General anaesthesia is a state of controlled unconsciousness. During a general anaesthetic, medications are used to send you to sleep, so you're unaware of surgery and don't move or feel pain while it's carried out
See also: Local Anaesthetic - A Guide
General anaesthesia is essential for some surgical procedures where it may be safer or more comfortable for you to be unconscious. It's usually used for long operations or those that would otherwise be very painful.
It's not clear exactly how it works, but it's known that all anaesthetics interrupt the passage of signals along the nerves. This means that any stimulation to the body doesn't get processed or recognised by the brain.
The modern anaesthetic era is only just over a hundred and sixty years old. Successful anaesthesia for surgery was first demonstrated in 1846. Before that, the few operations that were possible were carried out either with no pain relief or after a dose of opium and/or alcohol. (http://www.allaboutanaesthesia.com.au/ )
How general anaesthetics are given
Before having an operation, you'll meet a specialist doctor called an anaesthetist to discuss which anaesthetic is most suitable for you.
Your anaesthetist will look at your medical history and will ask whether anyone in your family has had problems with anaesthesia. They'll also ask about your general health and lifestyle, including whether you:
- have any allergies
- smoke or drink alcohol
- are taking any other medication
Your anaesthetist can answer any questions you have. Let them know if you're unsure about any part of the procedure or if you have any concerns. You should be given clear instructions to follow before the operation, including whether you can eat or drink anything in the hours leading up to it.
Before and during your operation
Just before you have surgery, you'll usually be taken to a room where your anaesthetist will give you the general anaesthetic.
It will either be given as a:
- liquid that's injected into your veins through a cannula (a thin, plastic tube that feeds into a vein, usually on the back of your hand)
- gas that you breathe in through a mask
The anaesthetic should take effect very quickly. You'll start feeling light-headed, before becoming unconscious within a minute or so.
Your anaesthetist will stay with you throughout the procedure. They'll make sure you continue to receive the anaesthetic and that you stay in a controlled state of unconsciousness. They'll also give you painkilling medicine into your veins, so that you're comfortable when you wake up.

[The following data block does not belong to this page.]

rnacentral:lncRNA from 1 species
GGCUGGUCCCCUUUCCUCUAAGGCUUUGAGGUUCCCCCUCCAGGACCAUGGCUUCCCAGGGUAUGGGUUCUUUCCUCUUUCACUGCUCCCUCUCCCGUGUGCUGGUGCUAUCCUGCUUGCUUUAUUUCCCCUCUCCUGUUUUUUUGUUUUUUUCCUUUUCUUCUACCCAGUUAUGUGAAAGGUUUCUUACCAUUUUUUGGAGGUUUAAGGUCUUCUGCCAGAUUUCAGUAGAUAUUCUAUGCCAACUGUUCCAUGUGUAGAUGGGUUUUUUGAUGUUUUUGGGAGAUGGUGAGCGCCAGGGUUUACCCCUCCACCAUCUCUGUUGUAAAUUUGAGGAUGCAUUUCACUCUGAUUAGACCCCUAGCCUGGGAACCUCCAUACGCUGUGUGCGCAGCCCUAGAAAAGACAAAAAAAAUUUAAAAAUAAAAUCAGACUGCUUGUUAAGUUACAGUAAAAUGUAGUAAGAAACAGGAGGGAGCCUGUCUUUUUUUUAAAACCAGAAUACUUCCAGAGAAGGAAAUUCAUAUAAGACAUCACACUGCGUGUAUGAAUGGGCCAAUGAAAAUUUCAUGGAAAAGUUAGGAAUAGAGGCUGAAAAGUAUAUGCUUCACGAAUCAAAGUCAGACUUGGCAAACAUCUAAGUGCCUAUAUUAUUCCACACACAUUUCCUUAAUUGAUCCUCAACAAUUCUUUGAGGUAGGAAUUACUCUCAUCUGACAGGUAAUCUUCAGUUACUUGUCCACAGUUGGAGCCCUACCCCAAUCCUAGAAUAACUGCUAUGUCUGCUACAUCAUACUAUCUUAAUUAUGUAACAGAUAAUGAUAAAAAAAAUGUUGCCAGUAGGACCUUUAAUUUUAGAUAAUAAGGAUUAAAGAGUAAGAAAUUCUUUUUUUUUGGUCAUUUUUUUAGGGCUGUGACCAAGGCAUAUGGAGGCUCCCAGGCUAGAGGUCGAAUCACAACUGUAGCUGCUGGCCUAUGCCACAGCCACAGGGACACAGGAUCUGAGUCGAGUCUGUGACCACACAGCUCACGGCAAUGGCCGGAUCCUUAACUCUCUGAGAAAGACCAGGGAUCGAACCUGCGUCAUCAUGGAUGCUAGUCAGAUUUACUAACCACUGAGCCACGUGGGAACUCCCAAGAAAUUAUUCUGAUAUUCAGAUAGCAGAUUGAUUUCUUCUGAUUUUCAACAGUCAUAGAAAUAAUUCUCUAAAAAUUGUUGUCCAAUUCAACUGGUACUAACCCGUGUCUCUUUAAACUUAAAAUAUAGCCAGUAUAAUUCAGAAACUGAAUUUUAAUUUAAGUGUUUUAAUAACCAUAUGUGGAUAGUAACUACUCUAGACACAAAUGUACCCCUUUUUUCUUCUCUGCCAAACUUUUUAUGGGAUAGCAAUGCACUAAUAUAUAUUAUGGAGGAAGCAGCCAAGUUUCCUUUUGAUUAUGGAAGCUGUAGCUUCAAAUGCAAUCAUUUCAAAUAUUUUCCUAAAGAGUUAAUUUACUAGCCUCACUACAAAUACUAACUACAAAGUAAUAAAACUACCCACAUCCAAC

After your operation, the anaesthetist will stop the anaesthetic and you'll gradually wake up. You'll usually be in a recovery room at first, before being transferred to a ward.
Depending on your circumstances, you'll usually need to stay in hospital for a few hours to a few days after your operation.
General anaesthetics can affect your memory, concentration and reflexes for a day or two, so it's important for a responsible adult to stay with you for at least 24 hours after your operation, if you're allowed to go home. You'll also be advised to avoid driving, drinking alcohol and signing any legal documents for 24-48 hours.
General anaesthetics have some common side effects. Your anaesthetist should discuss these with you before your surgery.
Most side effects occur immediately after your operation and don't last long. Possible side effects include:
- feeling sick and vomiting – this usually occurs immediately, although some people may continue to feel sick for up to a day
- shivering and feeling cold – this may last a few minutes or hours
- confusion and memory loss – this is more common in elderly people or those with existing memory problems; it's usually temporary, but occasionally can be longer lasting
- bladder problems –you may have difficulty passing urine
- dizziness – you will be given fluids to treat this
- bruising and soreness – this may develop in the area where you were injected or had a drip fitted; it usually heals without treatment
- sore throat – during your operation, a tube may be inserted either into your mouth or down your throat to help you breathe; afterwards, this can cause a sore throat
- damage to the mouth or teeth – a small proportion of people may have small cuts to their lips or tongue from the tube, and some may have damage to their teeth; you should tell your anaesthetist about any dental work you have had done
A number of more serious complications are associated with general anaesthetics. These are rare, occurring in less than 1 in every 10,000 cases.
Possible serious complications and risks include:
- a serious allergic reaction to the anaesthetic (anaphylaxis)
- an inherited reaction to the anaesthetic that causes breathing difficulties
- waking up during your operation – but this is rare, and the amount of anaesthetic given will be continuously monitored to help ensure this doesn't happen
- death – this is very rare, occurring in 1 in every 100,000 to 1 in every 200,000 cases
Serious problems are more likely to occur if you're having major or emergency surgery, you have any other illnesses, you smoke, or you're overweight.
Your anaesthetist will discuss the risks with you before your operation. You should try to stop smoking or drinking alcohol in the weeks before surgery, as doing so will reduce your risk of developing complications.
You may also be advised to lose weight, and if you can you should increase your activity levels in the weeks before surgery, as this is likely to reduce your risk as well.
In most cases, the benefits of being pain-free during an operation outweigh the risks.